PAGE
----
Even putting solar panels on your roof and amortizing the costs in most climates makes running an EV cheaper than gasoline. It's not because coal is somehow ridiculously cheap. It's because oil is a really expensive energy source per joule.

Wind is only about twice the costs of coal

If this was true, people would be churning out new coal plants, not wind farms.

Comment: Re:danger vs taste (Score 1) 475

by Rei (#49564477) Attached to: Pepsi To Stop Using Aspartame

No, it doesn't break down in the stomach. It breaks down in the small intestine. Very, very rapidly, leaving no detectable levels in the blood,.

The most recent study I read was in 2008 or so (and yes, I read the entire thing)

You read one study among the hundreds on one of the most highly studied food additives in history? Great, let me know when you're done with the others. ;) And I'm sure there was zero selection bias in your choice of which of the many studies to read ;)

Wikipedia covers the "cancer" thing well enough for a primer:

Reviews have found no association between aspartame and cancer. These reviews have looked at numerous carcinogenicity studies in animals, epidemiologic studies in humans, as well as in vitro genotoxicity studies. These studies have found no significant evidence that aspartame causes cancer in animals, damages the genome, or causes cancer in humans at doses currently used.[8][38][41] This position is supported by multiple regulatory agencies like the FDA[58] and EFSA as well as scientific bodies such as the National Cancer Institute.[47]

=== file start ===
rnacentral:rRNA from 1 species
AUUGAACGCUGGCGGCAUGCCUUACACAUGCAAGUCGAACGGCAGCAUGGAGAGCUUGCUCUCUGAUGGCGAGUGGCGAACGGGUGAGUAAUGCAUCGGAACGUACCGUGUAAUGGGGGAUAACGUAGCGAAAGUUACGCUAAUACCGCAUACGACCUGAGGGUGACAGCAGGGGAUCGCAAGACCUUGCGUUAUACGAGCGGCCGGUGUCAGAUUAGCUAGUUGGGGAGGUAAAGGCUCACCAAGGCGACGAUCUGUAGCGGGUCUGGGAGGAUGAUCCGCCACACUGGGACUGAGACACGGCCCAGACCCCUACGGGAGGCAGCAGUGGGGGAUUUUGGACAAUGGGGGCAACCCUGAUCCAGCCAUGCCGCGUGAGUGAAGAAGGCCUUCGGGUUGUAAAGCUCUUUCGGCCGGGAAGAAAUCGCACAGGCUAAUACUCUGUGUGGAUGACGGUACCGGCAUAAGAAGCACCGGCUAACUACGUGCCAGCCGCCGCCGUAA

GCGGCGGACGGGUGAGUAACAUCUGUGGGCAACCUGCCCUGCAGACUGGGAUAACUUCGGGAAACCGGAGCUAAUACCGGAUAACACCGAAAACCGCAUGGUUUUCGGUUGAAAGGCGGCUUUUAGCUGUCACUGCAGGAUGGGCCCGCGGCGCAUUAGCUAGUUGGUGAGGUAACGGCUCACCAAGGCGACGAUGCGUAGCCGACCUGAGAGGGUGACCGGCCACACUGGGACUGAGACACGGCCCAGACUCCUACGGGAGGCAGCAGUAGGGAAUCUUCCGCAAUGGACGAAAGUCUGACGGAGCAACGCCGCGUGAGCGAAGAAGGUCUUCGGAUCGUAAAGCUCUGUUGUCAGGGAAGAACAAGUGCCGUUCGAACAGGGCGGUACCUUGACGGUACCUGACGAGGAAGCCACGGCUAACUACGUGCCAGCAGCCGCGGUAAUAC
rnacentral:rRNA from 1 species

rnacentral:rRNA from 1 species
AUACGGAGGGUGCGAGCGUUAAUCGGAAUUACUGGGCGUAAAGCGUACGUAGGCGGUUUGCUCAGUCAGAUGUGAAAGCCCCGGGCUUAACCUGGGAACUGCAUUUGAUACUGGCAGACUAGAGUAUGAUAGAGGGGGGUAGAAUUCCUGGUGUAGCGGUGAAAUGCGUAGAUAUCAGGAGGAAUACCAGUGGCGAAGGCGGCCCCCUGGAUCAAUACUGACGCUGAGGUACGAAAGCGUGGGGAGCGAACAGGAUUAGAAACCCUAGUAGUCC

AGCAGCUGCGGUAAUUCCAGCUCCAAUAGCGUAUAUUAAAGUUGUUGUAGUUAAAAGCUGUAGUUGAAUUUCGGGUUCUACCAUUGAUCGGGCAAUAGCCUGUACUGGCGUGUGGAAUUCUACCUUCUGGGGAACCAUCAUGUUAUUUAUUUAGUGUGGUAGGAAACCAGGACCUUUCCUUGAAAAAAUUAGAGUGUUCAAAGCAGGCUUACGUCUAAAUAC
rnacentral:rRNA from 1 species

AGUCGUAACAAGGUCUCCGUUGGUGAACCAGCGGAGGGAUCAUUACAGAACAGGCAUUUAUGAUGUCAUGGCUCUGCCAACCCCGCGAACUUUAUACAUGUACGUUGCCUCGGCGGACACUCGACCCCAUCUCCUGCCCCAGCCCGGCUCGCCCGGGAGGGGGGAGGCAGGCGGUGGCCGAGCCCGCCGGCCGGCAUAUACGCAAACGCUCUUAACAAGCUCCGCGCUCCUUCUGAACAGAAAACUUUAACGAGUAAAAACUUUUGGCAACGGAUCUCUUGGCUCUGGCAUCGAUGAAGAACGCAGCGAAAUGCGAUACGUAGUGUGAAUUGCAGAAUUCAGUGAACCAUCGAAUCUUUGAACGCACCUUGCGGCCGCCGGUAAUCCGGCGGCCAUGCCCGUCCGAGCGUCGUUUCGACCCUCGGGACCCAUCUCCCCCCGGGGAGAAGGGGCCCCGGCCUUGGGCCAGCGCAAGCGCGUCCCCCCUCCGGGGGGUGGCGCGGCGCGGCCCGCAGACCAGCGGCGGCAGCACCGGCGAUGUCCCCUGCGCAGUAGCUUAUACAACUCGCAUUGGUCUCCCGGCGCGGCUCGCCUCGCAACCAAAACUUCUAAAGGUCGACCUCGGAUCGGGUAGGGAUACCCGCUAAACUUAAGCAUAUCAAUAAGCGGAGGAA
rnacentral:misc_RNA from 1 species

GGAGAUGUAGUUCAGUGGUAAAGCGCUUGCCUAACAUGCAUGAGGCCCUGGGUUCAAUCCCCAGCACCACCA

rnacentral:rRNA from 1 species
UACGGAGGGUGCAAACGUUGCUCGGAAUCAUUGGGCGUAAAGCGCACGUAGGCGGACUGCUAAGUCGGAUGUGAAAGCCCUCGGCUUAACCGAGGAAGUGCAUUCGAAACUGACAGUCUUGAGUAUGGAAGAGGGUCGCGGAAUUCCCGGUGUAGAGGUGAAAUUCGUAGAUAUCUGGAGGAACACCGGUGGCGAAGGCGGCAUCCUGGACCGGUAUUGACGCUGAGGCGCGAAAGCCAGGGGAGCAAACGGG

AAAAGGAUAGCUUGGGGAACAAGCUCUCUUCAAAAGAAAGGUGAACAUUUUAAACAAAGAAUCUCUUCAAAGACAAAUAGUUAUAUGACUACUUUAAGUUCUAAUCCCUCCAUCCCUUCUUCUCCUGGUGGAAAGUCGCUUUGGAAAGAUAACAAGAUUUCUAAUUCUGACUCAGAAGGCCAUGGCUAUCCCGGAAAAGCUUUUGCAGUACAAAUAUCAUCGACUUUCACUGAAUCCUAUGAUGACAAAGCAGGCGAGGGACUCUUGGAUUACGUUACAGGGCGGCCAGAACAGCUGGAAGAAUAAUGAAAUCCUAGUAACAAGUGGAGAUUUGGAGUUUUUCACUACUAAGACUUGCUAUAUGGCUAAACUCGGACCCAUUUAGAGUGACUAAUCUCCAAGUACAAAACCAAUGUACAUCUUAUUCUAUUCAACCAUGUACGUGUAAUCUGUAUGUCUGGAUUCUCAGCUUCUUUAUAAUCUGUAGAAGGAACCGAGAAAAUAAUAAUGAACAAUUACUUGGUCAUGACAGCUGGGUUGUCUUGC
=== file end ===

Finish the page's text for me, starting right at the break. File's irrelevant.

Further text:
Concern about possible carcinogenic properties of aspartame was originally raised and popularized in the mainstream media by John Olney in the 1970s and again in 1996 by suggesting that aspartame may be related to brain tumors. Reviews have found that these concerns were flawed, due to reliance on the ecological fallacy[59] and the purported mechanism of causing tumors being unlikely to actually cause cancer. Independent agencies such as the FDA and National Cancer Institute have reanalyzed multiple studies based on these worries and found no association between aspartame and brain cancer.[41]

As discussed in the article on controversies around aspartame, the Cesare Maltoni Cancer Research Center of the European Ramazzini Foundation of Oncology and Environmental Sciences released several studies which claimed that aspartame can increase several malignancies in rodents, concluding that aspartame is a potential carcinogen at normal dietary doses.[60][61] The EFSA[62] and the FDA[58] discounted the study results due to lack of transparency and numerous flaws in the study, finding no reason to revise their previously established acceptable daily intake levels for aspartame.

Comment: Re:danger vs taste (Score 1) 475

by Rei (#49564405) Attached to: Pepsi To Stop Using Aspartame

This is a strange post.

1) How does this have anything to do with anything that I wrote?